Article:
Destroyed Or Lost Will - Proving A Copy In Scotland
Is A Copy Of A Lost Will Valid?
One of the most vexing questions dealt with by the Scottish courts relates to a lost will. If there is a copy available the question that the courts must answer is whether or not the original was genuinely lost and it continued to represent the testators wishes up to the date of death or was the original physically destroyed by the testator thereby either making that person intestate at the time of death or was there an intention that an earlier will should take precedence upon destruction of the later will.
In order to prove a copy of a lost will rather than an original there must be strong evidence supplied to the court in Scotland indicating that there is a real loss situation. It is not always straightforward to prove loss of a will and in the absence of overwhelming evidence a court is likely to find that the original was destroyed by or at the instruction of the deceased. This can of course have resounding consequences on a beneficiary who was included in the later will but not in the former will.
It is often of paramount importance to distinguish between a lost will and an accidentaly or deliberately destroyed will. If this kind of situation arises then legal advice should definitely be sought to ensure that all the options are made clear to you. This applies regardless of whether you find yourself in the role of executor, or in the role of a beneficiary (or potential beneficiary) where the will being recognised could have a profound effect on what you receive as a result.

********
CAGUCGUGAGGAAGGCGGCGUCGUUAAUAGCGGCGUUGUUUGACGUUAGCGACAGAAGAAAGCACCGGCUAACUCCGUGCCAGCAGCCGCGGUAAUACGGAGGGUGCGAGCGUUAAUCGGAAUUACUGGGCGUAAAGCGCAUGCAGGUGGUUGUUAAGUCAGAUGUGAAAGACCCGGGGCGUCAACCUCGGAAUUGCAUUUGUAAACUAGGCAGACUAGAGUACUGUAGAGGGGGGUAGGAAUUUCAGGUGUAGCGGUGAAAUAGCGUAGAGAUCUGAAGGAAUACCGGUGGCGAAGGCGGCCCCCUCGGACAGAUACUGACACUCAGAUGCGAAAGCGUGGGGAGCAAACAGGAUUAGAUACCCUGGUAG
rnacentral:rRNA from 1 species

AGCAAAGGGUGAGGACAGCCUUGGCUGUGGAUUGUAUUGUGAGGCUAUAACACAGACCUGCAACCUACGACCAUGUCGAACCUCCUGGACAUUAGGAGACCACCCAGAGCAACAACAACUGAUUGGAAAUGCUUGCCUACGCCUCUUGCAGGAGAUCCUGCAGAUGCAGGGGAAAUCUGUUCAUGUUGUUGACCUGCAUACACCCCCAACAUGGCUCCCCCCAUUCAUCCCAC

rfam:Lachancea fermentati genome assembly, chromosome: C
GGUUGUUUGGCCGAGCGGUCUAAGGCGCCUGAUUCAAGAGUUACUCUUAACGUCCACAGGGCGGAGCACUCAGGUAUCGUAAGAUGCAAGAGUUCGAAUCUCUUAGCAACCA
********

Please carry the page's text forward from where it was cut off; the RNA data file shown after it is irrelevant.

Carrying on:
Destroying A Will In Scotland:
To destroy a will and distinguish it from a lost will, you should burn it, tear it up or otherwise destroy it completely so as to leave no doubt about your intentions. If there are copies you should do all you can to retrieve them and also destroy them in a similar fashion. You should destroy the will personally or it must be destroyed by another person in your presence and at your direction. If a will is destroyed accidentally, it is not revoked and can still be declared valid if there is a copy available. Its validity would have to be proven in court. In addition it is always advisable that any new will should contain a clause revoking all previous wills and codicils. Revoking a will means that the will is no longer legally valid.
Is The Will Valid?
For any will to be recognised as being lawful it must have been created under certain circumstances. The will should have been witnessed properly and the witness should not be mentioned as benefiting from the will in any way nor should the witness be the testators spouse. The law also states that the person who is making the will should be fully able to recognise the importance of what they are doing. If any of these points are in doubt then the will may not be valid as far as the law is concerned.
Contesting A Will:
The law regarding contested wills is complex and it's important to get the right advice from an expert. Our panel solicitors deal with contentious issues on a no win no fee basis. If you would like free initial advice, without obligation, from one of our panel solicitors just use the contact form or phone the helpline.